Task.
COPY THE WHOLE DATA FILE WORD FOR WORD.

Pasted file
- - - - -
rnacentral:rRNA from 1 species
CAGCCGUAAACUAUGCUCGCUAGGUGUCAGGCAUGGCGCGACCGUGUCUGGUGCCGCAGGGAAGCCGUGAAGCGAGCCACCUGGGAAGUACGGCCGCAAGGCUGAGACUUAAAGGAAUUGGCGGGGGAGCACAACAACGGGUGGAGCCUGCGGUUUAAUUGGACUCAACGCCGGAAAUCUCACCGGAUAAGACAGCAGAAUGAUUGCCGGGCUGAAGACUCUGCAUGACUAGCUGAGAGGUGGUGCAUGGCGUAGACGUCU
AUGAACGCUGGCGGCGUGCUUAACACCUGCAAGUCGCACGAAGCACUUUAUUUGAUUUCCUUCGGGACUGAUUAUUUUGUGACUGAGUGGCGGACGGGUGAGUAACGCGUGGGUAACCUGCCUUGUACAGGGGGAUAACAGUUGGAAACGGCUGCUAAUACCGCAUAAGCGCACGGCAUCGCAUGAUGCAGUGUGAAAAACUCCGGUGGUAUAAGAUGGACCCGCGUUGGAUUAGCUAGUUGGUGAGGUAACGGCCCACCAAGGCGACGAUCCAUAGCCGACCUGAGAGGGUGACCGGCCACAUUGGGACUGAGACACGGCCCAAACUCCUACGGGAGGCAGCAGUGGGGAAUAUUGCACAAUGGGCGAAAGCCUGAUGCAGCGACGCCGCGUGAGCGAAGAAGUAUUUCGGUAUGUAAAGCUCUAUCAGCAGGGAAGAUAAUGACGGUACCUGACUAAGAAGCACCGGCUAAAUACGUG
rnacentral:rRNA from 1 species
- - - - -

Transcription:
rnacentral:rRNA from 1 species
CAGCCGUAAACUAUGCUCGCUAGGUGUCAGGCAUGGCGCGACCGUGUCUGGUGCCGCAGGGAAGCCGUGAAGCGAGCCACCUGGGAAGUACGGCCGCAAGGCUGAGACUUAAAGGAAUUGGCGGGGGAGCACAACAACGGGUGGAGCCUGCGGUUUAAUUGGACUCAACGCCGGAAAUCUCACCGGAUAAGACAGCAGAAUGAUUGCCGGGCUGAAGACUCUGCAUGACUAGCUGAGAGGUGGUGCAUGGCGUAGACGUCU
AUGAACGCUGGCGGCGUGCUUAACACCUGCAAGUCGCACGAAGCACUUUAUUUGAUUUCCUUCGGGACUGAUUAUUUUGUGACUGAGUGGCGGACGGGUGAGUAACGCGUGGGUAACCUGCCUUGUACAGGGGGAUAACAGUUGGAAACGGCUGCUAAUACCGCAUAAGCGCACGGCAUCGCAUGAUGCAGUGUGAAAAACUCCGGUGGUAUAAGAUGGACCCGCGUUGGAUUAGCUAGUUGGUGAGGUAACGGCCCACCAAGGCGACGAUCCAUAGCCGACCUGAGAGGGUGACCGGCCACAUUGGGACUGAGACACGGCCCAAACUCCUACGGGAGGCAGCAGUGGGGAAUAUUGCACAAUGGGCGAAAGCCUGAUGCAGCGACGCCGCGUGAGCGAAGAAGUAUUUCGGUAUGUAAAGCUCUAUCAGCAGGGAAGAUAAUGACGGUACCUGACUAAGAAGCACCGGCUAAAUACGUG
rnacentral:rRNA from 1 species